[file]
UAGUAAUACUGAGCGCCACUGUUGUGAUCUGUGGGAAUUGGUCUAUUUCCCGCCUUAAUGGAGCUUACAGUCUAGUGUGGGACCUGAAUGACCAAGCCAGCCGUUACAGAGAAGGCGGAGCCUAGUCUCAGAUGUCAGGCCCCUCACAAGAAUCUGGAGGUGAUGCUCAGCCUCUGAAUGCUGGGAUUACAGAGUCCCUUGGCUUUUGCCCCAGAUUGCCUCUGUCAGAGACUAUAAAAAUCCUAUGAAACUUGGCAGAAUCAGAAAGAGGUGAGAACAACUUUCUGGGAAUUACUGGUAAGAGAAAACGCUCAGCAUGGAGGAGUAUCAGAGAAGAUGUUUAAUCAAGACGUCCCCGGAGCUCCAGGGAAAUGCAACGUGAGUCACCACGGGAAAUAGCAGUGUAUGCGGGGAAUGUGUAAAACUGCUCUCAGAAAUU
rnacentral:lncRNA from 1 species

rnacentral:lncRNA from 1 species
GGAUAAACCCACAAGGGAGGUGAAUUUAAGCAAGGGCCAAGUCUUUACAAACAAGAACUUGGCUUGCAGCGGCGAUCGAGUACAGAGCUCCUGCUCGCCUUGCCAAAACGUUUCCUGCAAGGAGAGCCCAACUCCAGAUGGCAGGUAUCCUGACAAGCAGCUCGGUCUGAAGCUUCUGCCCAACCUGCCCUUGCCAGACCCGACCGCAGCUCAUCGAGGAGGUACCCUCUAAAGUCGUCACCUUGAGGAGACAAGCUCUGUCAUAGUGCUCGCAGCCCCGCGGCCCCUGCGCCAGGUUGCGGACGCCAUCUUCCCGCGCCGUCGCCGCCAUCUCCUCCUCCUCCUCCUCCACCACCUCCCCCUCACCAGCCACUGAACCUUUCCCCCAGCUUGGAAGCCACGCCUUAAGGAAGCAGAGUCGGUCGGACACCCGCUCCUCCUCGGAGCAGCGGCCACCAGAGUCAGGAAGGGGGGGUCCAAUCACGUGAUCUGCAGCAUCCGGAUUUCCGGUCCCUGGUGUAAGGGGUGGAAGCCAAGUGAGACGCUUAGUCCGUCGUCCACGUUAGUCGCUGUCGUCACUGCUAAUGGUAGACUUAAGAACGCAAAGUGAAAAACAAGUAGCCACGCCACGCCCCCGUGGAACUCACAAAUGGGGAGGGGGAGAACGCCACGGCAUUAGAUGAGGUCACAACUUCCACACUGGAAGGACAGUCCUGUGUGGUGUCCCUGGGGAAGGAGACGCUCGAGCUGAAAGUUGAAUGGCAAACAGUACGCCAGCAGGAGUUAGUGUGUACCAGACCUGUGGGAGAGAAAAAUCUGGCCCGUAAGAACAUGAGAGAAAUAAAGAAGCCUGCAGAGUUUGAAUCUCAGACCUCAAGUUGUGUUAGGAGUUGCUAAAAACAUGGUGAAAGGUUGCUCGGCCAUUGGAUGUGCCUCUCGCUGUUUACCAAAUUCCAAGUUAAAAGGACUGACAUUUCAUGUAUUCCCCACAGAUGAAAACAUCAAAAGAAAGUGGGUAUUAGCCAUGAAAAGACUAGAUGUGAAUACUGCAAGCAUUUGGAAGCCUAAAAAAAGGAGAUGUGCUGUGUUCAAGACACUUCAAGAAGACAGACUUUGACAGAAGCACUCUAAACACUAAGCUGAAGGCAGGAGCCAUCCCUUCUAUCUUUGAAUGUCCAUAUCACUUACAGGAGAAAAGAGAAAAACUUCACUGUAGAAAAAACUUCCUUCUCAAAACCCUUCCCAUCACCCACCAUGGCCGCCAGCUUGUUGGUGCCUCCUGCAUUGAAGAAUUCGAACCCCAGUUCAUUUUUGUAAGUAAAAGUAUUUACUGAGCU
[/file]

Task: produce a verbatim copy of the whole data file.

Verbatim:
UAGUAAUACUGAGCGCCACUGUUGUGAUCUGUGGGAAUUGGUCUAUUUCCCGCCUUAAUGGAGCUUACAGUCUAGUGUGGGACCUGAAUGACCAAGCCAGCCGUUACAGAGAAGGCGGAGCCUAGUCUCAGAUGUCAGGCCCCUCACAAGAAUCUGGAGGUGAUGCUCAGCCUCUGAAUGCUGGGAUUACAGAGUCCCUUGGCUUUUGCCCCAGAUUGCCUCUGUCAGAGACUAUAAAAAUCCUAUGAAACUUGGCAGAAUCAGAAAGAGGUGAGAACAACUUUCUGGGAAUUACUGGUAAGAGAAAACGCUCAGCAUGGAGGAGUAUCAGAGAAGAUGUUUAAUCAAGACGUCCCCGGAGCUCCAGGGAAAUGCAACGUGAGUCACCACGGGAAAUAGCAGUGUAUGCGGGGAAUGUGUAAAACUGCUCUCAGAAAUU
rnacentral:lncRNA from 1 species

rnacentral:lncRNA from 1 species
GGAUAAACCCACAAGGGAGGUGAAUUUAAGCAAGGGCCAAGUCUUUACAAACAAGAACUUGGCUUGCAGCGGCGAUCGAGUACAGAGCUCCUGCUCGCCUUGCCAAAACGUUUCCUGCAAGGAGAGCCCAACUCCAGAUGGCAGGUAUCCUGACAAGCAGCUCGGUCUGAAGCUUCUGCCCAACCUGCCCUUGCCAGACCCGACCGCAGCUCAUCGAGGAGGUACCCUCUAAAGUCGUCACCUUGAGGAGACAAGCUCUGUCAUAGUGCUCGCAGCCCCGCGGCCCCUGCGCCAGGUUGCGGACGCCAUCUUCCCGCGCCGUCGCCGCCAUCUCCUCCUCCUCCUCCUCCACCACCUCCCCCUCACCAGCCACUGAACCUUUCCCCCAGCUUGGAAGCCACGCCUUAAGGAAGCAGAGUCGGUCGGACACCCGCUCCUCCUCGGAGCAGCGGCCACCAGAGUCAGGAAGGGGGGGUCCAAUCACGUGAUCUGCAGCAUCCGGAUUUCCGGUCCCUGGUGUAAGGGGUGGAAGCCAAGUGAGACGCUUAGUCCGUCGUCCACGUUAGUCGCUGUCGUCACUGCUAAUGGUAGACUUAAGAACGCAAAGUGAAAAACAAGUAGCCACGCCACGCCCCCGUGGAACUCACAAAUGGGGAGGGGGAGAACGCCACGGCAUUAGAUGAGGUCACAACUUCCACACUGGAAGGACAGUCCUGUGUGGUGUCCCUGGGGAAGGAGACGCUCGAGCUGAAAGUUGAAUGGCAAACAGUACGCCAGCAGGAGUUAGUGUGUACCAGACCUGUGGGAGAGAAAAAUCUGGCCCGUAAGAACAUGAGAGAAAUAAAGAAGCCUGCAGAGUUUGAAUCUCAGACCUCAAGUUGUGUUAGGAGUUGCUAAAAACAUGGUGAAAGGUUGCUCGGCCAUUGGAUGUGCCUCUCGCUGUUUACCAAAUUCCAAGUUAAAAGGACUGACAUUUCAUGUAUUCCCCACAGAUGAAAACAUCAAAAGAAAGUGGGUAUUAGCCAUGAAAAGACUAGAUGUGAAUACUGCAAGCAUUUGGAAGCCUAAAAAAAGGAGAUGUGCUGUGUUCAAGACACUUCAAGAAGACAGACUUUGACAGAAGCACUCUAAACACUAAGCUGAAGGCAGGAGCCAUCCCUUCUAUCUUUGAAUGUCCAUAUCACUUACAGGAGAAAAGAGAAAAACUUCACUGUAGAAAAAACUUCCUUCUCAAAACCCUUCCCAUCACCCACCAUGGCCGCCAGCUUGUUGGUGCCUCCUGCAUUGAAGAAUUCGAACCCCAGUUCAUUUUUGUAAGUAAAAGUAUUUACUGAGCU